CBS 4 Special Report – A Giant Oyster Discovery

A Giant Discovery Photo.PNG

An estuary of giant oysters over 43 million years old remains perfectly preserved outside Roma in Starr County. (Source: Alex Herbst, CBS 4 News)

Deep in the trees and brush along the Rio Grande in Roma, you can find some of the oldest remaining fossils in the entire Rio Grande Valley.

“This is for the southernmost counties, this is as old as rocks get,” explains UTRGV Geology Professor Dr. Juan Gonzalez.

These fossils tell us a story tens of millions of years in the making.

“Geologically speaking we are back into the Eocene, which is somewhere around 43 million years.”

Before the Rio Grande Valley became the landscape we know it as today, the ocean once reached as far inland as the Roma Cliffs. The Lagunas and bays along the coast today could be found nearly 100 miles inland.

“If you face the ocean, you are looking at the open Gulf of Mexico. If you face to the Laguna Madre, you see a lagoon or an estuary. If you were to look below the sandstone here, you’d see clays and finer grain sediments that contain different fossils. If you look into those, you will find giant oysters.”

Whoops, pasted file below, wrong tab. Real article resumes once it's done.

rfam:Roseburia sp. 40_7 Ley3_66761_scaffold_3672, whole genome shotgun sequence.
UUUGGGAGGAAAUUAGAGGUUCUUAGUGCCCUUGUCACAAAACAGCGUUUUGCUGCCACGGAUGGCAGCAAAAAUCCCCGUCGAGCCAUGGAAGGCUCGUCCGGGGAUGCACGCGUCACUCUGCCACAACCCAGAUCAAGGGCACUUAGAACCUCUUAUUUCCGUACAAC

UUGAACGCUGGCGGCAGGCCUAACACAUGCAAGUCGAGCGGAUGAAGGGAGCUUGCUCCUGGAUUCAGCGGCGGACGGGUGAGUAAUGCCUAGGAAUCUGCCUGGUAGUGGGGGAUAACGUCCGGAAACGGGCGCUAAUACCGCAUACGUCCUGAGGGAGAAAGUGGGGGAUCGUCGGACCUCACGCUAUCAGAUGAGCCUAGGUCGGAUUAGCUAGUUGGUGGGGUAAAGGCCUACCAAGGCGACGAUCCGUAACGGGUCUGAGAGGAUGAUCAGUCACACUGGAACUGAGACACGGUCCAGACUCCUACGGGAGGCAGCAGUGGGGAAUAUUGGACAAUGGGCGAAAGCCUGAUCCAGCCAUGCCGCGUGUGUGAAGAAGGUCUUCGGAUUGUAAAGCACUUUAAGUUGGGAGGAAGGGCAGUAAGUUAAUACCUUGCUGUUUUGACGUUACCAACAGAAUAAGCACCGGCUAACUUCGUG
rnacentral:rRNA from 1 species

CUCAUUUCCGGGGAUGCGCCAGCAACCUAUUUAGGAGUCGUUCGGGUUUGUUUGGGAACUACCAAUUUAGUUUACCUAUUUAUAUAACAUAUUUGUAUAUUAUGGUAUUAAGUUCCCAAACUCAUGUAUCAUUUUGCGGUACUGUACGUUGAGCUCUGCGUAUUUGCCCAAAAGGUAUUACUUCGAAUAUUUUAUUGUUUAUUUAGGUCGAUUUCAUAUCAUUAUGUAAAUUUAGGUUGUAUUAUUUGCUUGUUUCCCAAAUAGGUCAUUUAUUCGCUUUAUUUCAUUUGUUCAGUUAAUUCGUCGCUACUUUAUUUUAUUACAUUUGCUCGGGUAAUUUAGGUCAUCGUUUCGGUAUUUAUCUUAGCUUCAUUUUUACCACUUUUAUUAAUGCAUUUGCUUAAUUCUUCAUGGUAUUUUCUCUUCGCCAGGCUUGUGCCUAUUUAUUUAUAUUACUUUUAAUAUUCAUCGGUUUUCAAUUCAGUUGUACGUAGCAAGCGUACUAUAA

Those fertile grounds for giant oysters continue to hold their past together today.

“This reef is pretty well preserved. We see animals in living positions. In other words, they were not transported or reworked by water. This is how they were living.”

When we say giant oysters, we mean giant.

“It’s about eight to ten times larger and thicker than the modern oysters we have today.”

Ranging from a few inches to more than a foot in size, these giant oysters easily dwarf the types found living along the coast today.

“Chances are this is a different species from what modern oysters are today.”

Hundreds of these giant oysters are perfectly preserved as rocks that line where the Rio Grande met the former bay, showing the size and texture of these creatures.

“We are standing on it. We are standing on oyster shells and oyster hash from that far back in time.”

It’s a find that Gonzalez tells us is unique to Starr County.

“For south Texas, I think it’s pretty unique.”

Despite many people associating oysters with pearls, the fossilization process would have likely prevented any pearls in these oysters from surviving or being able to be salvaged.

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